New For 2014
The 2014 Jeep Cherokee is an all-new replacement for the 2012 Jeep Liberty. The Cherokee’s polarizing design is especially new and controversial. Jeep debuts a new ZF-sourced nine-speed automatic transmission in the Cherokee.
The 2014 Jeep Cherokee is the most radical-looking production Jeep ever. About the only design cue the Cherokee shares with the rest of the Jeep range is the signature seven-slot grille and trapezoidal wheel cutouts. Purists, especially those who still love the 1984–2001 “XJ” Cherokee, may bemoan the fact that the new Cherokee rides on a modified Alfa Romeo platform and sends power to the front wheels most of the time, but that platform also gives the Cherokee more rear-seat legroom than the larger Grand Cherokee. We suspect that most crossover shoppers will appreciate the extra space inside more than they will care about which wheels are propelling the vehicle.
The 2014 Jeep Cherokee plots a new course for Jeep. Instead of wrapping itself in history and committing to another rear-wheel-drive-based 4×4, Jeep is leveraging its relationship with Fiat and using an Alfa Romeo platform to bring its crossovers into the modern era.
Jeep offers one of our favorite infotainment systems in the 2014 Cherokee with Uconnect. The available 8.4-inch touchscreen system controls everything from navigation to stereo to climate-control functions, but there are still (convenient) redundant physical controls for volume, tuning, and climate control.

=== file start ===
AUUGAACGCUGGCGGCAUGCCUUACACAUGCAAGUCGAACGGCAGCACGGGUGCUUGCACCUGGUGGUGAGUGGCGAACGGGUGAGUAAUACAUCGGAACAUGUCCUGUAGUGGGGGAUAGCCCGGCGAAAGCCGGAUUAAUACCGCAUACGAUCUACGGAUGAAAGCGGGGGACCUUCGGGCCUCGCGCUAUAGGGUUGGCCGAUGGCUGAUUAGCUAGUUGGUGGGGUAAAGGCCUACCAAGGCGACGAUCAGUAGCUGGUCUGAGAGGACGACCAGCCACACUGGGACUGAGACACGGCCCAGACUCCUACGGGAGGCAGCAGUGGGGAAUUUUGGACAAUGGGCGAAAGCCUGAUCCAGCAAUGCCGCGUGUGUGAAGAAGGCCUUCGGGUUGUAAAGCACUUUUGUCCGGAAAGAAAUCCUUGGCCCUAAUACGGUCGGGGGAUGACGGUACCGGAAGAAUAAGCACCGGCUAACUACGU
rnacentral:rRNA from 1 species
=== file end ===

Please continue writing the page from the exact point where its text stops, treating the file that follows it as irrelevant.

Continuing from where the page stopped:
Of course, the top-of-the-line 4×4 model can tackle the Moab trails that remain Jeep’s spiritual home. The 2014 Jeep Cherokee relies on electronic systems for its off-road prowess instead of the old-fashioned mechanical solutions that the Wrangler employs. Instead of air lockers and short gearing, the Cherokee embraces hill-descent control and a Selec-Terrain system that comes with different modes for snow, sand/mud, rocks, and sporty driving. With the electronics deployed, the Cherokee essentially brings cruise control to the world of off-roading, as we discovered in Moab during our first drive.
During our brief test drive, the 2.4-liter I-4 engine, dubbed Tigershark, felt too overworked pushing around the 2014 Jeep Cherokee. The main reason to consider the Tigershark engine — and its mediocre 184 hp and 171 lb-ft of torque — is if fuel economy and price are your sole concerns. For most buyers, the 3.2-liter V-6 makes a lot more sense. With 271 hp and 239 lb-ft of torque, the Pentastar V-6 is much better suited to the heavy 4×4 Cherokee’s needs.
- V-6 engine
- Swanky interior
- Rear-seat legroom
You won’t like:
- Nine transmission speeds may be too many
- Design isn’t for everyone
- Underpowered four-cylinder
- Chevrolet Equinox
- Ford Escape
- Honda CR-V
- Toyota RAV4